In the world of Tae Kwon Do, karate, judo, and other martial arts, you’ll find many schools emphasize tournaments. You’ll train to strike targets that are “legal” and not strike those that are “illegal” because you’ll be disqualified. You’ll learn to pull punches and release your hold when your opponent taps out. As a result, too many practitioners who earned their black belts through sport and point programs get beaten on the streets. Those who frequent the streets have no such “rules” to play by. You release a hold when someone taps you and you’ll find yourself in trouble. You don’t go for the eyes, throat, neck, or groin because those are “illegal” targets in competition and you would have given up too many of your options. So you will “do” as you “train” unless you “train to do”. Thus you must train to be most effective by striking high value targets and striking with precision and power in the shortest time possible. That is because he may have a friend and you might be taking on multiple opponents.
When it comes to the use of a pistol, there is a great need to train with the gun to become familiar with it so you can use it efficiently and effectively when the time comes. You must learn the proper grip that’ll work for you, learn to quickly get the sights aligned and get your sight picture, learn breath control, learn to press the trigger properly, learn not to anticipate the “kick”, to tame that recoil to maintain sight picture for a follow up shot. You’ll need to know what to do in case of malfunctions, how to do an emergency reload, a tactical reload, use cover, how to move and keep the gun in a safe condition, how to clear a room, a house. You’ll also need to learn to shoot with the left and right hands and the varied two handed grips to increase your mobility and options. You should learn to shoot in low light situations and the use of flash lights for search, illumination, and disorientation.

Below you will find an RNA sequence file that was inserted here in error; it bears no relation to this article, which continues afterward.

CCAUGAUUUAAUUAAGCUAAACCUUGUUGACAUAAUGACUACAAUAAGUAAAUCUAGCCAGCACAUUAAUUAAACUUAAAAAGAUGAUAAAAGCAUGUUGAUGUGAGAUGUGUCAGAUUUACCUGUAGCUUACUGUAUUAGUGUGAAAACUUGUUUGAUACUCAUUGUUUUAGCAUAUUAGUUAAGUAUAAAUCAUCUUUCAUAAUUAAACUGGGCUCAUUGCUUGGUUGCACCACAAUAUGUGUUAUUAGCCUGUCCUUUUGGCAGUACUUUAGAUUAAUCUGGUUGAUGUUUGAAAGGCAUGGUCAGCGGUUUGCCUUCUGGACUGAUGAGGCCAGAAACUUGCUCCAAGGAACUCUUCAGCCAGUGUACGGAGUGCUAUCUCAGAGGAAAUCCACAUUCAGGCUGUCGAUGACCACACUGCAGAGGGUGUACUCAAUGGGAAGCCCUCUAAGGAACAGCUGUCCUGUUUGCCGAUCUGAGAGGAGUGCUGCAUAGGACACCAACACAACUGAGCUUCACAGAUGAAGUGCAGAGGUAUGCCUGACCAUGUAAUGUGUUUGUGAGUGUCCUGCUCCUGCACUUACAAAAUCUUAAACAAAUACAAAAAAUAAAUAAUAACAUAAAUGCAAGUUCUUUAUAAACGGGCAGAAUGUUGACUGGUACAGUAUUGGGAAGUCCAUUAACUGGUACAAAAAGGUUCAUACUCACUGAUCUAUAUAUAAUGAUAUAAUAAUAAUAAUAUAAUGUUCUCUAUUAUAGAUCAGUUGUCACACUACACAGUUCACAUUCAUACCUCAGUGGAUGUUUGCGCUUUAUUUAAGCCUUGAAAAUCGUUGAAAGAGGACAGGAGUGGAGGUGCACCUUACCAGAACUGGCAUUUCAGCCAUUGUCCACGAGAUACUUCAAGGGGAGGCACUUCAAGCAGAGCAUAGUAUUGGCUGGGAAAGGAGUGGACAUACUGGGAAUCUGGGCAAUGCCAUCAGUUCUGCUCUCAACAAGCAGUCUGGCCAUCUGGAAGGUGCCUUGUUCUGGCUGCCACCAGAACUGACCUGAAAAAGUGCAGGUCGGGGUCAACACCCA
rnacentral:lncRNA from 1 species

We’re fortunate to have quality instructors in Chad who's attended Front Sight, and Ike who has vast Israeli military and teaching background. We also have the IPSC expertise, like Dave, Bruce, and Mark, at Paul Bunyan to broaden our training curriculum and enhance our skills, and a number of ADTA members involved with the NRA, including the Range Safety Officer program.
A gun is not going to save you if you have no idea how to use it properly. Merely pointing a gun at a person is not going to stop him when your body language shows you are shaking and your mind set isn’t steeled to do him harm. Your voice commands must be forceful and commanding and backed up with an aggressive stance with strength in your gun presentation. The ADTA offers such training during the monthly and quarterly shoots. The training is member driven. When you register for a shooting session you have the opportunity to let the instructor know what kind of skills you want to develop. We have beginner/novice shooting events with mentors who will show and teach you the way of the gun. And there is always a Range Safety Officer present to enforce safe practices.
There is value, certainly, in target shooting. It’s instant feedback on how well your shooting mechanics and hardware are unified. But for self defense your attacker is not going to stand there like the paper target. So take advantage of what the ADTA has to offer in its shooting events. The monthly meetings are also informative. We have featured special topics such as sight alignment, showcasing different guns, accessories, and safety topics, etc.
So, take advantage of your membership. Take advantage of what ADTA has to offer you.